Su Shih

Su Shih was without any doubt the greatest poet of the Sung.

Su Shih
Even as a young boy in eleventh-century China, Su Shih was clearly special. After finding a rare inkstone, he began to write stories and verses expressing his love of the natural world. His words flowed effortlessly. His brush danced across the paper.

Su Shih grew up to become a leading scholar and statesman, eventually taking the name Su Dongpo. Integrating his love of natural order and humanity into his writings and civic works, Su Dongpo promoted justice and condemned corruption — often at his own peril. His life was rife with reversals of fortune; but through it all he retained his grace, his humility, and his compassion.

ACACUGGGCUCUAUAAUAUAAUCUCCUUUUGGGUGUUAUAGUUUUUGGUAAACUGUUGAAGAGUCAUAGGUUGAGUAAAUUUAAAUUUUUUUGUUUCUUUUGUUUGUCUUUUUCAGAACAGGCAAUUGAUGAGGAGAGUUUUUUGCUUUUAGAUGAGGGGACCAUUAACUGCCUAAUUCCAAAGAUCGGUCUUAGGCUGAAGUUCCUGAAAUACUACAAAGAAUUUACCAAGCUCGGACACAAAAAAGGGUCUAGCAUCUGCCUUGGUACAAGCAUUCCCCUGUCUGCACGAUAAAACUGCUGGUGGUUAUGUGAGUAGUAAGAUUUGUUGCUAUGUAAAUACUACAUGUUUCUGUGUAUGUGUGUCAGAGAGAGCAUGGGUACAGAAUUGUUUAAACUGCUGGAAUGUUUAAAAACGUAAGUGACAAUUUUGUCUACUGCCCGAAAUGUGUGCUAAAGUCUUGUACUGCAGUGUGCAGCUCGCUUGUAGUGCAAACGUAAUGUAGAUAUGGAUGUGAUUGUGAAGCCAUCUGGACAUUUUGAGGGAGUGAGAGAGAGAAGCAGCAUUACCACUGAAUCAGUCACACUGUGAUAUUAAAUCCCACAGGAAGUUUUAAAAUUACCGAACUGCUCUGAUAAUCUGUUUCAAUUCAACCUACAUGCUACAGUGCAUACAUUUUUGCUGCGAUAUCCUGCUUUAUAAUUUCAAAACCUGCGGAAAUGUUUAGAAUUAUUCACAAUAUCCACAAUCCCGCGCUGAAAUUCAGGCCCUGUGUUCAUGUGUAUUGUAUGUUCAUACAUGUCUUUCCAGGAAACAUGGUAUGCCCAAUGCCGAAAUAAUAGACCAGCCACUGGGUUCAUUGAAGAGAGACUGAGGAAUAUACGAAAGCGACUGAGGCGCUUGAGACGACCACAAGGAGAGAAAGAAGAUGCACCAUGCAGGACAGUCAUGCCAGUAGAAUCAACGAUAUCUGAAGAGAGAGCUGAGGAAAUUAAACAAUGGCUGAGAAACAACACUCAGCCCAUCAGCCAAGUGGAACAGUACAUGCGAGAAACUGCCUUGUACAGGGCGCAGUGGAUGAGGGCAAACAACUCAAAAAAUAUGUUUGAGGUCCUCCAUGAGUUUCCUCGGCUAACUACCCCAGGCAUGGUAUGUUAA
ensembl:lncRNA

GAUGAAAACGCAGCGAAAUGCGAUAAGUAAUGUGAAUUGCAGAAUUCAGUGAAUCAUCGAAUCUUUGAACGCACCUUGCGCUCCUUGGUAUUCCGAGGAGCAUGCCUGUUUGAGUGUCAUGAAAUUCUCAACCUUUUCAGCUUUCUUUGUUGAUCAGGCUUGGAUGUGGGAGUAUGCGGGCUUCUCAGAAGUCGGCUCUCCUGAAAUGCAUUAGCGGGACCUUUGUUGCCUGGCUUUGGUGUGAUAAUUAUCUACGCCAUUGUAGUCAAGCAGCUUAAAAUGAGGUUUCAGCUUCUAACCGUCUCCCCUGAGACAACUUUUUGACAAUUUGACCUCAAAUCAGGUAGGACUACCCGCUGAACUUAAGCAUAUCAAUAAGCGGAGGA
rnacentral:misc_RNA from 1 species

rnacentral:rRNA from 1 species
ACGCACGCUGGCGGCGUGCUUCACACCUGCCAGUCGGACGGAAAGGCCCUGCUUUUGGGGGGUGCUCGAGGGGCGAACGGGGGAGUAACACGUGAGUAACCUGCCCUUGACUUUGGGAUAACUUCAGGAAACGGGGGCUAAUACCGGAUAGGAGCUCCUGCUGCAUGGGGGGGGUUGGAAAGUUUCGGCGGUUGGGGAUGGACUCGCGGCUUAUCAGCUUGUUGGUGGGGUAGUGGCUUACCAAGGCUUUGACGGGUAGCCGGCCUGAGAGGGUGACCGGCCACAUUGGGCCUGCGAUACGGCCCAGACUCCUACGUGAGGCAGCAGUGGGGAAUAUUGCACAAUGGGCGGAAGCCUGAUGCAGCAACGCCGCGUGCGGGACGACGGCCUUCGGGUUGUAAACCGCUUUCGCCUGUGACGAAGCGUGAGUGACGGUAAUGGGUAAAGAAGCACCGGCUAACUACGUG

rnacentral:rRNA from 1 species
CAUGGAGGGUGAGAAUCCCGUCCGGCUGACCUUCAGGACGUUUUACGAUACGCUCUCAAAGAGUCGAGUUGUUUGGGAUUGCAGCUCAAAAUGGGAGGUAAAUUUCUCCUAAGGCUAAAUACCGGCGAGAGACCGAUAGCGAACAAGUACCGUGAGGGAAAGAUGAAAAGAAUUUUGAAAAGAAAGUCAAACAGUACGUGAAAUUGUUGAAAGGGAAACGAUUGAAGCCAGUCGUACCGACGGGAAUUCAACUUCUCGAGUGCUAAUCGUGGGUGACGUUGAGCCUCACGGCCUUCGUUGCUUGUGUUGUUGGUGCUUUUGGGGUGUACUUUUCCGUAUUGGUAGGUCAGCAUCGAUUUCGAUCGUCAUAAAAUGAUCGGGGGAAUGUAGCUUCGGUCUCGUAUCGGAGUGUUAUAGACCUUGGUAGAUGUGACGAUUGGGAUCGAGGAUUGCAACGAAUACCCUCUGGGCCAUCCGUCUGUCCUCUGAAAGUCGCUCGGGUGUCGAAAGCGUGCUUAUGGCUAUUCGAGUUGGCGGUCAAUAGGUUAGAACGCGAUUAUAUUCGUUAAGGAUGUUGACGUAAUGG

The Old Fisherman

       I
Where does the fisherman go for a drink
when his fish and his crabs are all sold?
He never sets himself a limit: just keeps on drinking ’til he’s drunk,
and neither he nor the bartender totes up his tab.

II

When the fisherman’s drunk, his straw cloak dances,
searching through drunkenness to find the way home.
Light skiff, the short oars akimbo:
and when he wakes up he never knows where.

III

The fisherman’s awakening: spring river’s noon.
A dream cut short by falling petals, floating silks.
Wine awakened, drunken still, and drunk, he’s still awake.
He smiles upon this world of men, both now and gone.

IV

The fisherman’s smile: a seagull floating,
lost in a river of mist and rain.
By the riverside, on horseback, an official’s come,
to hire his skiff, to ferry him on toward the south.

J.P. Seaton